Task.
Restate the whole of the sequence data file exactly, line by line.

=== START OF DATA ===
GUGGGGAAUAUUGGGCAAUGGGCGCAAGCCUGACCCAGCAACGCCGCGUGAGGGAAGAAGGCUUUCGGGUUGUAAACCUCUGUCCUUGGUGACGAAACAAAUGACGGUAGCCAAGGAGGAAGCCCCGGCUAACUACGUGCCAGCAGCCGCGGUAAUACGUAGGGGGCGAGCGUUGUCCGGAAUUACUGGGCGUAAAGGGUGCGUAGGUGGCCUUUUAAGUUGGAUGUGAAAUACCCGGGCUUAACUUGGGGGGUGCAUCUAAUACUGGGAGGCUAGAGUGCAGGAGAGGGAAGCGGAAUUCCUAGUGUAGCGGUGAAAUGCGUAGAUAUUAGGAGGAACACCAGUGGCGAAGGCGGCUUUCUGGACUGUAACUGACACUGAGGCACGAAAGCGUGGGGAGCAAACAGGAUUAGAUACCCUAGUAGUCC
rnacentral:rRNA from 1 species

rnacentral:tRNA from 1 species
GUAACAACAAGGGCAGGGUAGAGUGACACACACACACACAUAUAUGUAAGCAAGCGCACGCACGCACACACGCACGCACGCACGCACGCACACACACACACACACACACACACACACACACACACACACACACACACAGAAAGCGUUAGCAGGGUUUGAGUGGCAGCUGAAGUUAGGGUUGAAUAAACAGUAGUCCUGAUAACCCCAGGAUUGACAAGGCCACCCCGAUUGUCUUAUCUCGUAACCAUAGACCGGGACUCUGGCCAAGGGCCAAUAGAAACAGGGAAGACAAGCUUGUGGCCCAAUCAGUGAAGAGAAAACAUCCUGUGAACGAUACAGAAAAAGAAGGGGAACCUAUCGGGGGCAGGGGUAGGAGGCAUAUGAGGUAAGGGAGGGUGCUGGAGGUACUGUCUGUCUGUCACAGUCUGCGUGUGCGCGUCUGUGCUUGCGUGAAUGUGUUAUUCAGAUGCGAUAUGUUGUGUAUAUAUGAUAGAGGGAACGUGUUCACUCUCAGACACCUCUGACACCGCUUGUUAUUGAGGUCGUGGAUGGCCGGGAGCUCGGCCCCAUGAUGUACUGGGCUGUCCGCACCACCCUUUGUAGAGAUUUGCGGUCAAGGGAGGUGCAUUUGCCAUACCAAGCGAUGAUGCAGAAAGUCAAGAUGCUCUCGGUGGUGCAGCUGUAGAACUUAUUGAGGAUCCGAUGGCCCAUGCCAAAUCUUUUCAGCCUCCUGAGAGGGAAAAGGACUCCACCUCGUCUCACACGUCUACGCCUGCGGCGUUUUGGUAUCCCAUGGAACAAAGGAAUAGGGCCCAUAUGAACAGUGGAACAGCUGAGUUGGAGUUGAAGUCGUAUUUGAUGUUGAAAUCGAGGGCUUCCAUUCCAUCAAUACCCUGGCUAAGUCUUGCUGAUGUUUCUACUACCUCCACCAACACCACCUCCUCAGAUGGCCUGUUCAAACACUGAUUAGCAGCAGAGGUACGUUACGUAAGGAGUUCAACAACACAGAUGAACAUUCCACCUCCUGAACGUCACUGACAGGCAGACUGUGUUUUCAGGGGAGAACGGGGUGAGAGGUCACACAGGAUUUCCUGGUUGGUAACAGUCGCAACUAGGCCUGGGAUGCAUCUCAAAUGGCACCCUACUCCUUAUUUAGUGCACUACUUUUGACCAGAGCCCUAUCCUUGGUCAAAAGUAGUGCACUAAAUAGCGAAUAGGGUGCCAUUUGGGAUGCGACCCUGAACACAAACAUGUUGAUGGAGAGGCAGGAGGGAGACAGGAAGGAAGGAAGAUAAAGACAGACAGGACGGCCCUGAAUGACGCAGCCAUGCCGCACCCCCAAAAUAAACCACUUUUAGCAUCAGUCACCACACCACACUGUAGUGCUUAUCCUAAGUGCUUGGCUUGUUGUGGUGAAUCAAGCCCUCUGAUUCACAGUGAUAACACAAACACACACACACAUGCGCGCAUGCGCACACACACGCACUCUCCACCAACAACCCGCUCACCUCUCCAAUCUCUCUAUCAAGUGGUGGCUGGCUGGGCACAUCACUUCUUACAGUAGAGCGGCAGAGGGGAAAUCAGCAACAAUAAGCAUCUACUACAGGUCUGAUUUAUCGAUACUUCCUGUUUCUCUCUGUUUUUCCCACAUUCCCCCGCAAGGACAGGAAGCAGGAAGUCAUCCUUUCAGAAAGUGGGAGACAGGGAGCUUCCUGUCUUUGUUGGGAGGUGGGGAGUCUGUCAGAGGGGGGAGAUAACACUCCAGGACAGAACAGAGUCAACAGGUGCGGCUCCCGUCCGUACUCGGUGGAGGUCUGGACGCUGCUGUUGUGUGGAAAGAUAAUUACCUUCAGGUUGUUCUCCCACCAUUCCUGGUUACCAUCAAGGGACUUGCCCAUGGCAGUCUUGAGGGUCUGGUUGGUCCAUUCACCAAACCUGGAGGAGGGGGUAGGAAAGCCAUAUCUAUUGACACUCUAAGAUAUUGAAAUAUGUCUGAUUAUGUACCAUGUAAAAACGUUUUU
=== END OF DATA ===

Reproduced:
GUGGGGAAUAUUGGGCAAUGGGCGCAAGCCUGACCCAGCAACGCCGCGUGAGGGAAGAAGGCUUUCGGGUUGUAAACCUCUGUCCUUGGUGACGAAACAAAUGACGGUAGCCAAGGAGGAAGCCCCGGCUAACUACGUGCCAGCAGCCGCGGUAAUACGUAGGGGGCGAGCGUUGUCCGGAAUUACUGGGCGUAAAGGGUGCGUAGGUGGCCUUUUAAGUUGGAUGUGAAAUACCCGGGCUUAACUUGGGGGGUGCAUCUAAUACUGGGAGGCUAGAGUGCAGGAGAGGGAAGCGGAAUUCCUAGUGUAGCGGUGAAAUGCGUAGAUAUUAGGAGGAACACCAGUGGCGAAGGCGGCUUUCUGGACUGUAACUGACACUGAGGCACGAAAGCGUGGGGAGCAAACAGGAUUAGAUACCCUAGUAGUCC
rnacentral:rRNA from 1 species

rnacentral:tRNA from 1 species
GUAACAACAAGGGCAGGGUAGAGUGACACACACACACACAUAUAUGUAAGCAAGCGCACGCACGCACACACGCACGCACGCACGCACGCACACACACACACACACACACACACACACACACACACACACACACACACAGAAAGCGUUAGCAGGGUUUGAGUGGCAGCUGAAGUUAGGGUUGAAUAAACAGUAGUCCUGAUAACCCCAGGAUUGACAAGGCCACCCCGAUUGUCUUAUCUCGUAACCAUAGACCGGGACUCUGGCCAAGGGCCAAUAGAAACAGGGAAGACAAGCUUGUGGCCCAAUCAGUGAAGAGAAAACAUCCUGUGAACGAUACAGAAAAAGAAGGGGAACCUAUCGGGGGCAGGGGUAGGAGGCAUAUGAGGUAAGGGAGGGUGCUGGAGGUACUGUCUGUCUGUCACAGUCUGCGUGUGCGCGUCUGUGCUUGCGUGAAUGUGUUAUUCAGAUGCGAUAUGUUGUGUAUAUAUGAUAGAGGGAACGUGUUCACUCUCAGACACCUCUGACACCGCUUGUUAUUGAGGUCGUGGAUGGCCGGGAGCUCGGCCCCAUGAUGUACUGGGCUGUCCGCACCACCCUUUGUAGAGAUUUGCGGUCAAGGGAGGUGCAUUUGCCAUACCAAGCGAUGAUGCAGAAAGUCAAGAUGCUCUCGGUGGUGCAGCUGUAGAACUUAUUGAGGAUCCGAUGGCCCAUGCCAAAUCUUUUCAGCCUCCUGAGAGGGAAAAGGACUCCACCUCGUCUCACACGUCUACGCCUGCGGCGUUUUGGUAUCCCAUGGAACAAAGGAAUAGGGCCCAUAUGAACAGUGGAACAGCUGAGUUGGAGUUGAAGUCGUAUUUGAUGUUGAAAUCGAGGGCUUCCAUUCCAUCAAUACCCUGGCUAAGUCUUGCUGAUGUUUCUACUACCUCCACCAACACCACCUCCUCAGAUGGCCUGUUCAAACACUGAUUAGCAGCAGAGGUACGUUACGUAAGGAGUUCAACAACACAGAUGAACAUUCCACCUCCUGAACGUCACUGACAGGCAGACUGUGUUUUCAGGGGAGAACGGGGUGAGAGGUCACACAGGAUUUCCUGGUUGGUAACAGUCGCAACUAGGCCUGGGAUGCAUCUCAAAUGGCACCCUACUCCUUAUUUAGUGCACUACUUUUGACCAGAGCCCUAUCCUUGGUCAAAAGUAGUGCACUAAAUAGCGAAUAGGGUGCCAUUUGGGAUGCGACCCUGAACACAAACAUGUUGAUGGAGAGGCAGGAGGGAGACAGGAAGGAAGGAAGAUAAAGACAGACAGGACGGCCCUGAAUGACGCAGCCAUGCCGCACCCCCAAAAUAAACCACUUUUAGCAUCAGUCACCACACCACACUGUAGUGCUUAUCCUAAGUGCUUGGCUUGUUGUGGUGAAUCAAGCCCUCUGAUUCACAGUGAUAACACAAACACACACACACAUGCGCGCAUGCGCACACACACGCACUCUCCACCAACAACCCGCUCACCUCUCCAAUCUCUCUAUCAAGUGGUGGCUGGCUGGGCACAUCACUUCUUACAGUAGAGCGGCAGAGGGGAAAUCAGCAACAAUAAGCAUCUACUACAGGUCUGAUUUAUCGAUACUUCCUGUUUCUCUCUGUUUUUCCCACAUUCCCCCGCAAGGACAGGAAGCAGGAAGUCAUCCUUUCAGAAAGUGGGAGACAGGGAGCUUCCUGUCUUUGUUGGGAGGUGGGGAGUCUGUCAGAGGGGGGAGAUAACACUCCAGGACAGAACAGAGUCAACAGGUGCGGCUCCCGUCCGUACUCGGUGGAGGUCUGGACGCUGCUGUUGUGUGGAAAGAUAAUUACCUUCAGGUUGUUCUCCCACCAUUCCUGGUUACCAUCAAGGGACUUGCCCAUGGCAGUCUUGAGGGUCUGGUUGGUCCAUUCACCAAACCUGGAGGAGGGGGUAGGAAAGCCAUAUCUAUUGACACUCUAAGAUAUUGAAAUAUGUCUGAUUAUGUACCAUGUAAAAACGUUUUU